Encountering your hero and heroine’s descendants

When you write about historical people, it’s always a thrill to meet someone who is actually descended from them. Often, it turns out to be a cadet branch, but when you come across a Dudley, a Hastings and a Tyrell, who can trace their line back to the fifteenth century and further still, it’s quite mind-blowing.

What is especially spine-chilling for any historical novelist is to be contacted by the descendants of a hero and heroine in one of their novels. This has happened to me with Margery Neville and Richard Huddleston, the major characters of The Maiden and the Unicorn. Margery was the bastard daughter of Warwick the Kingmaker and sister-in-law to King Richard III.

A few years ago I had an email from a Canadian lawyer who was researching the Huddlestons. It turned out he is descended from Margery and Richard’s third child, Margaret (Huddleston) Salkeld. This triggered off an excellent email friendship between us, and in 2008 he and his daughter made an ancestral pilgrimage, if you like, through Cumbria.

More recently, I had an email from a lady in Australia who is descended from Margery and Richard’s oldest daughter, Joan Fleming. Her family tree also includes Archbishop George Neville’s illegitimate daughter

Can you imagine what a delight it was to put these cousins in touch with one another? Somehow it makes Margery and Richard seem more alive in my mind than ever, a validation that they lived and breathed.

Malleus Maleficarum

In writing about a medieval clairvoyant in The Silver Bride, charges of witchcraft in Mistress to the Crown and more recently in my new mss on the death of Shakespeare’s patron, I have had to research sorcery in the Middle Ages and Tudor eras. That was how I came across the legal treatise Malleus Maleficarum.

Most people have never heard of this treatise but it is arguably the most important document in the history of witchcraft. It was first published in about 1486 and became a regular bestseller. At least 30 editions were published between 1487 and 1669. The literal translation of the title is The Hammer of Evil but the more common translation was The Witch Hammer and this document became the bible of inquisitors and witchfinders throughout the Christian world. Not just a fifteenth century All You Ever wanted to know about Witchcraft but were afraid to ask with FAQs such as ‘Whether witches can by some Glamour Change men into Beasts’. No, it was destined to become the legal procedure manual.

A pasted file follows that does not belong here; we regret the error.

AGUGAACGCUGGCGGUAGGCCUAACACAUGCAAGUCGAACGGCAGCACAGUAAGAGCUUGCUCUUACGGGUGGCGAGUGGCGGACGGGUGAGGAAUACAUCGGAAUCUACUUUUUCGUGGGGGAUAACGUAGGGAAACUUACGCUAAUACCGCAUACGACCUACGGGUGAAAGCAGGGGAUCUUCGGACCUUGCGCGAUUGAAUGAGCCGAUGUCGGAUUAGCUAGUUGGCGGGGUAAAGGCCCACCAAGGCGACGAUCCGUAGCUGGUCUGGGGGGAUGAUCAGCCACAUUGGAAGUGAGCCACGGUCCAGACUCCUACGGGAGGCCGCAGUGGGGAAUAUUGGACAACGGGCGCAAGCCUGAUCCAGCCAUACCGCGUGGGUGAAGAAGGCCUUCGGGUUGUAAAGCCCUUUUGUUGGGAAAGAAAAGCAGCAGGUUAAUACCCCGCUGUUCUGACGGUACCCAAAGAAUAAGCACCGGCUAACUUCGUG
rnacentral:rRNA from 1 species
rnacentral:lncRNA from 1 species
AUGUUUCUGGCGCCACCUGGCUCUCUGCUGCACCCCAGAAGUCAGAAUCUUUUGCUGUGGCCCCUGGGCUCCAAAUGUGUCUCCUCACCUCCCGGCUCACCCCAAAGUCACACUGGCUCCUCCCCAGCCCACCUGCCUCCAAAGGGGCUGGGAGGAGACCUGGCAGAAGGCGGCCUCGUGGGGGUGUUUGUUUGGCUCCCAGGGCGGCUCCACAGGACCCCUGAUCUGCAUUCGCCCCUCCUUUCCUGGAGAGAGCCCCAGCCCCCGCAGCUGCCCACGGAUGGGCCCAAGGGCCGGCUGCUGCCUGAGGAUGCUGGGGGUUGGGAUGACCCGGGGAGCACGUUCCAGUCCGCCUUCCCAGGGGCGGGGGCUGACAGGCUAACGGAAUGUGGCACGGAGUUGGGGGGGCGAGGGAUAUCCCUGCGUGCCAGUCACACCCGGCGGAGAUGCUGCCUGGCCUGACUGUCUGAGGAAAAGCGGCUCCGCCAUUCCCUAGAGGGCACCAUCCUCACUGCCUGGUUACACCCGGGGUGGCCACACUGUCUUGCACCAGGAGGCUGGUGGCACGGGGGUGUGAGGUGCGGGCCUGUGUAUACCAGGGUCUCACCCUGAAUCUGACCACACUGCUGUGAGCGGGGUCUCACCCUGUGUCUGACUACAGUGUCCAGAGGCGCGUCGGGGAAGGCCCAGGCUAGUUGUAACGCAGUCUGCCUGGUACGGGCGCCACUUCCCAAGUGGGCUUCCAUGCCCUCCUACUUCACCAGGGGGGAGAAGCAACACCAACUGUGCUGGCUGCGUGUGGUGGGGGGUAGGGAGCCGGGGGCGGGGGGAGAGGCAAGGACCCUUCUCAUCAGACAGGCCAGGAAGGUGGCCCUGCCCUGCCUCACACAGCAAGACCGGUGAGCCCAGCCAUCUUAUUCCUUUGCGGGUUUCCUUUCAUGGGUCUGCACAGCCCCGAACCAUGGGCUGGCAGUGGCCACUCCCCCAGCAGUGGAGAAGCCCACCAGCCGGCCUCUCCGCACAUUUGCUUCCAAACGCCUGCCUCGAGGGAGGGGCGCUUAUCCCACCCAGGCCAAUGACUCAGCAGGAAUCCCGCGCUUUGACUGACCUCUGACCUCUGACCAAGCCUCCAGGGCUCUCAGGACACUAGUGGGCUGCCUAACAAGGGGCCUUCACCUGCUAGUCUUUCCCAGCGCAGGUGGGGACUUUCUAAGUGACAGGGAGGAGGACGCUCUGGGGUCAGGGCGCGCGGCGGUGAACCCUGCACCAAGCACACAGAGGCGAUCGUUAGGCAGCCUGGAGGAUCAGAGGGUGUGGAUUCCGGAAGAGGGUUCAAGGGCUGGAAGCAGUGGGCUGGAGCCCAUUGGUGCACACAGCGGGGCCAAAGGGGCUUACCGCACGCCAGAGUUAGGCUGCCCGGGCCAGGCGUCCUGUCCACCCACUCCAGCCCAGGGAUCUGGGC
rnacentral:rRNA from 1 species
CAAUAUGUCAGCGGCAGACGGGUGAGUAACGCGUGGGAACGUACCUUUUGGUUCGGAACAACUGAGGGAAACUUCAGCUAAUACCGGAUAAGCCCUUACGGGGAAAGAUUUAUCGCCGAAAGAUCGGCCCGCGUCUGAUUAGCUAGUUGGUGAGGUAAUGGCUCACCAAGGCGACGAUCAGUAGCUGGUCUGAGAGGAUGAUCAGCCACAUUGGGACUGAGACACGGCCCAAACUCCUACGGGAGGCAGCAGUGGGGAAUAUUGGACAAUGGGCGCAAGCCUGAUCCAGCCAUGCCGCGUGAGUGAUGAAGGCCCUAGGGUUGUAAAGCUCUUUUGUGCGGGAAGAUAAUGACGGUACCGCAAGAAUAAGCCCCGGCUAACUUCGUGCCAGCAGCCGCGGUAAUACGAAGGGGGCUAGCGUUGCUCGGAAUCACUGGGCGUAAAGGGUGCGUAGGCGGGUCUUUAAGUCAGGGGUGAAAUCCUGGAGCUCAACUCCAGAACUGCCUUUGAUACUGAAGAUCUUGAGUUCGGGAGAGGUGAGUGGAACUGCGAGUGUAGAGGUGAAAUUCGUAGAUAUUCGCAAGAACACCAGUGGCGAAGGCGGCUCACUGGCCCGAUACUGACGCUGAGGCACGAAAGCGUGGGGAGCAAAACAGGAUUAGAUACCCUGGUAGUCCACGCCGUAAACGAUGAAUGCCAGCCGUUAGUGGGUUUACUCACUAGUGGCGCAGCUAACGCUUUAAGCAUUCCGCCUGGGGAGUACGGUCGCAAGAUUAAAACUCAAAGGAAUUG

Malleus Malificarum was commissioned by Pope Innocent VIII, who was determined to take a strong stand against the witchcraft, especially in the Holy Roman Empire. The treatise was written by two professional experts, Heinrich Kramer and James Sprenger. Kramer was a Dominican and inquisitor from Lower Alsace. Sprenger, who came from Basle, was a Dominican inquisitor, high ranking academic and a mystic.

Up until that time, churchmen probably used their common sense in cases of sorcery that came before them but once they had this document, officially sanctioned by the pope, things changed. While the treatise may have been intended originally merely as guidelines, once it was in print, its clauses were interpreted as standard procedure and any flexibility was stifled. Malleus Maleficarum became the handbook of inquisitors.

How to question a suspected witch, how to torture them, and the different types of sentencing, depending whether the charge was thought to be serious or light. The attempt to be objective and just in dealing with suspects is clearly present in the writing but the medieval ignorance of Kramer and Sprenger, highly intelligent men of their day, is chilling to a modern reader. Killing children, aborting babies, making men impotent, turning people into animals and summoning hailstorms are some of the issues that the authors eagerly discuss. They also ask why it is ‘Women are chiefly addicted to Evil Superstitions?’  Over the next two centuries, the misogynistic slant in Malleus Malificarum would sanction the torture and death of many innocent women.